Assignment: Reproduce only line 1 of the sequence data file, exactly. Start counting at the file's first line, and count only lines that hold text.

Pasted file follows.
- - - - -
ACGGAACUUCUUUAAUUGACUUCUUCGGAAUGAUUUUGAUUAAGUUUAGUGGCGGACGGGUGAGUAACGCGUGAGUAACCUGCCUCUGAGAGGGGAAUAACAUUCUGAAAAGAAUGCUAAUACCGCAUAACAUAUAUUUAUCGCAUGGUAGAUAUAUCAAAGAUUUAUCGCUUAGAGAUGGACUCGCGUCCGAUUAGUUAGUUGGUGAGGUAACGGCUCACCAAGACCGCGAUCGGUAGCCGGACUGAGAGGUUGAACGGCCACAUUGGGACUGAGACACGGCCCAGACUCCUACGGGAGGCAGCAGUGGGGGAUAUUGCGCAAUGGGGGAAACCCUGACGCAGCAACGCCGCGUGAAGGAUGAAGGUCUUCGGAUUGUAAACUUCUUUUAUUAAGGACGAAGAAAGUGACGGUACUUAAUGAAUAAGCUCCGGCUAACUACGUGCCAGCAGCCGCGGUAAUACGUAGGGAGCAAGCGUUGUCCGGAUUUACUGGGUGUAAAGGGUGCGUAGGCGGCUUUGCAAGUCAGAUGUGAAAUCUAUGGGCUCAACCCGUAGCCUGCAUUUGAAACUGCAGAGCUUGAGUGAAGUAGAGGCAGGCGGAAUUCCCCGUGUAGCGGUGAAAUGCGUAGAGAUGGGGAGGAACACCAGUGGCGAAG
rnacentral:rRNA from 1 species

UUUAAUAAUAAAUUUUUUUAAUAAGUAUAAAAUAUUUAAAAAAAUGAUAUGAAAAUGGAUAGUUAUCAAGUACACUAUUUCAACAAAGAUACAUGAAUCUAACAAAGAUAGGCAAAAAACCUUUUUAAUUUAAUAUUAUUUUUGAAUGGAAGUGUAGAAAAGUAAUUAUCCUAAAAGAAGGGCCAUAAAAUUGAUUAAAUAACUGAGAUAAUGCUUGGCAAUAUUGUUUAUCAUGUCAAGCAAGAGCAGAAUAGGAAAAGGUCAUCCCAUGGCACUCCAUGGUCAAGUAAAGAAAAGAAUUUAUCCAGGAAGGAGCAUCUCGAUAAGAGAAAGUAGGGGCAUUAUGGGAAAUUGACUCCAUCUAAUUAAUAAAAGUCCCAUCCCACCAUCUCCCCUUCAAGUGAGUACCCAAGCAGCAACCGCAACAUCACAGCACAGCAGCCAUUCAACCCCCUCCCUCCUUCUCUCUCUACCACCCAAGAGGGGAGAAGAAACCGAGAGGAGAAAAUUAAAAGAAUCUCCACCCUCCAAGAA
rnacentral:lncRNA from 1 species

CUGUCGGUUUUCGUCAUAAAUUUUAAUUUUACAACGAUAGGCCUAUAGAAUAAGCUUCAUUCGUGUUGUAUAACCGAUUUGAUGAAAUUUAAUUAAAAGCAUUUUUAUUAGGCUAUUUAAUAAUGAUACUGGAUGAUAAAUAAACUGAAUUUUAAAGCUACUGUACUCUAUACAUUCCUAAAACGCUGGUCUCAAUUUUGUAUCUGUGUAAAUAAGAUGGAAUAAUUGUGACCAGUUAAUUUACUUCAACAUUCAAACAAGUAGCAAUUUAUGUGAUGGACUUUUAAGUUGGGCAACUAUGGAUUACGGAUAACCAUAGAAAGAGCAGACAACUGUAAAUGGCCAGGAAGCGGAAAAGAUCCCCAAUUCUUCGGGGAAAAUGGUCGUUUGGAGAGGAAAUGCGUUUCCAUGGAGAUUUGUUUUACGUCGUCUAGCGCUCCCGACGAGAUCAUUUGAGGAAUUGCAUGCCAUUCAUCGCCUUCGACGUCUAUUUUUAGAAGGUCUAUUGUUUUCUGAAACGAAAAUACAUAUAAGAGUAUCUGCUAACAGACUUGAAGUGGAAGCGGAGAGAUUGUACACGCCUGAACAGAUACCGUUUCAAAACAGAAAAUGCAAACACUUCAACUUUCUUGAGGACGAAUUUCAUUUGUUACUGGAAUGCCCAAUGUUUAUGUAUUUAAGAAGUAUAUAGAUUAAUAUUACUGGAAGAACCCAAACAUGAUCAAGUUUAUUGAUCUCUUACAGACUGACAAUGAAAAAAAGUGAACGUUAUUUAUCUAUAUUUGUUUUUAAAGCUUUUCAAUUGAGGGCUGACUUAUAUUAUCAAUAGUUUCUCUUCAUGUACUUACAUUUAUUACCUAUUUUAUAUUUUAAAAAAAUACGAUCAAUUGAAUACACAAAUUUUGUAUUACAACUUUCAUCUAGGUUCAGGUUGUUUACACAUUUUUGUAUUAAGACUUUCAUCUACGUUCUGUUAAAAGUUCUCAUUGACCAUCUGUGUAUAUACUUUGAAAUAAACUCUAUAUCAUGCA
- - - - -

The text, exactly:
ACGGAACUUCUUUAAUUGACUUCUUCGGAAUGAUUUUGAUUAAGUUUAGUGGCGGACGGGUGAGUAACGCGUGAGUAACCUGCCUCUGAGAGGGGAAUAACAUUCUGAAAAGAAUGCUAAUACCGCAUAACAUAUAUUUAUCGCAUGGUAGAUAUAUCAAAGAUUUAUCGCUUAGAGAUGGACUCGCGUCCGAUUAGUUAGUUGGUGAGGUAACGGCUCACCAAGACCGCGAUCGGUAGCCGGACUGAGAGGUUGAACGGCCACAUUGGGACUGAGACACGGCCCAGACUCCUACGGGAGGCAGCAGUGGGGGAUAUUGCGCAAUGGGGGAAACCCUGACGCAGCAACGCCGCGUGAAGGAUGAAGGUCUUCGGAUUGUAAACUUCUUUUAUUAAGGACGAAGAAAGUGACGGUACUUAAUGAAUAAGCUCCGGCUAACUACGUGCCAGCAGCCGCGGUAAUACGUAGGGAGCAAGCGUUGUCCGGAUUUACUGGGUGUAAAGGGUGCGUAGGCGGCUUUGCAAGUCAGAUGUGAAAUCUAUGGGCUCAACCCGUAGCCUGCAUUUGAAACUGCAGAGCUUGAGUGAAGUAGAGGCAGGCGGAAUUCCCCGUGUAGCGGUGAAAUGCGUAGAGAUGGGGAGGAACACCAGUGGCGAAG